With the news this week that two of the three Republicans who backed marriage equality have won their hotly contested primaries, LGBT folks and our allies have reason to be glad, or at least relieved. If we are serious about building a nonpartisan alliance for equality in states across the country, then we have to be sure to support our friends when they support us.
It's also important for our community to hold accountable those who betray us, undermine us, and sell us out. And this year, if you're a gay New Yorker, there is one man who should be at the top of that list: State Senator Greg Ball.
For those of you not addicted to Albany political gossip, let me take you back to June 2011. Marriage equality had already passed the Assembly (the equivalent of the House), but its fate in the Senate hinged on eight Republicans who were on the fence. Senators Saland, McDonald, Grisanti, and Alesi eventually came over to the side of marriage equality. (Saland and Grisanti were the ones who just won their primaries; Alesi didn't run, and McDonald was defeated.) Three senators confirmed their "no" votes amid heavy lobbying on all sides.
And then there was Greg Ball. Ball held out until the 11th hour, garnering national television coverage, and meeting with politicians and activists behind closed doors. What he did behind those doors was outrageous: He made a series of absurd demands and promised he'd vote "yes" if those demands were met. Among the most ridiculous? He asked one noted New York lesbian politician to "get Dick Cheney to support me in the next election." As if she had Cheney's home phone number. As if Cheney would campaign on behalf of a state senator, in any case. As if that was in any way a principled request.
But wait, it gets worse. After Senator Ball finally voted "no," he had the gall to issue a statement saying that he was never undecided in the first place. "Knowing that marriage equality was likely to pass," Ball wrote, "I thought it important to force the issue of religious protections. Over the past few weeks, I've had the distinct opportunity [sic] of listening to literally thousands of residents, on both sides of this issue, by holding an undecided stance... Now that the final text is public, I am proud that I have secured some strong protections for religious institutions and basic protections for religious organizations. The bill still lacks many of the basic religious protections I thought were vital, and for this reason, and as I did in the Assembly, I will be voting 'no.'"
There are so many slimy statements in there that it's hard to know where to begin. First, Ball admitted that he was merely "holding an undecided stance." Other senators were sincerely undecided, but Ball was just assuming the position. Second, Ball admitted that he did this to "force the issue of religious protections." Not only is that disingenuous -- saying, in effect, "Give me what I want, but I'm still voting against you" -- but it's also not true. Senator Saland, in contrast, really did lobby for religious exemptions, Governor Cuomo and the Democratic leadership worked out the issues with him, and Saland eventually voted "yes." That's legislative process. Ball is just full of hot air.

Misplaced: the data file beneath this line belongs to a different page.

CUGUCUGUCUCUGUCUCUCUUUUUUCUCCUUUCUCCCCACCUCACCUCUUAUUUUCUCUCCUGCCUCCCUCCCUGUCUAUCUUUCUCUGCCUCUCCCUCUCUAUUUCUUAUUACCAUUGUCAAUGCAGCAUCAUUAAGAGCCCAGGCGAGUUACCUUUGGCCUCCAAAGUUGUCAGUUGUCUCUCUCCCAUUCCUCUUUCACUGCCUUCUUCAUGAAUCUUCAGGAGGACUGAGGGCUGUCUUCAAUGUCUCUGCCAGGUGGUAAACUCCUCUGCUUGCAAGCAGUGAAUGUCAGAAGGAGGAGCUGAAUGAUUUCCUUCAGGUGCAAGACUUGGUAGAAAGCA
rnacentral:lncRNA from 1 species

And what were Ball's demands? Not to drown in the details here, but they were obviously outrageous. They included a demand that individuals be allowed to simply disregard the marriage law if they proffered a religious reason to do so. That's not democracy; it's anarchy, and Ball knew all along that it could never become law. At the time I went into all the details of Ball's demands here on HuffPost, back when I thought they were sincere.
What Greg Ball did was play us. All of us who care about this issue, whose lives are affected by it -- he just used us for publicity and attention. (Incidentally, I was following Ball's Twitter feed throughout June. While marriage was being debated, he tweeted about protections for household pets.) It's one thing to have a principled view against same-sex marriage. We may disagree with that view, but at least it's a principled stand. Ball was just playing games. At a time when personal reflection was called for, Ball chose opportunism.
Oh, and then there's Greg Ball himself. As if his betrayal weren't enough, he's also earned the name "Greg Slimeball" for a reason. An ex-girlfriend who had to get a restraining order against him. Persistent complaints about sexual harassment in Ball's office. A cavalcade of dirty campaign tricks, from calling his opponents names to sending letters under fake names to local newspapers. Fishy dealings with a Ball-managed nonprofit that appears to have funneled money to Ball's political campaign. And really, just check the guy out on YouTube; the man has an anger-management problem that puts Jack Nicholson to shame. Even if it weren't for his cowardly two-step on one of the most important civil-rights issues of our time, Ball's deep, deep character flaws should render him unfit for office.
Ball's opponent, meanwhile, is a moderate Democrat named Justin Wagner. He's straight but not narrow, a lawyer who's lived in the district for years, and he has made fighting against the "war on women" a central plank of his campaign platform.
There are many political causes vying for our philanthropic dollars this year, but I want to urge the members of my LGBT community to remember our friends -- and hold our enemies accountable. Greg Ball cynically manipulated our community leaders and exploited our civil-rights struggle for his personal aggrandizement. He tried to keep us out of City Hall. Now we should throw him out of office.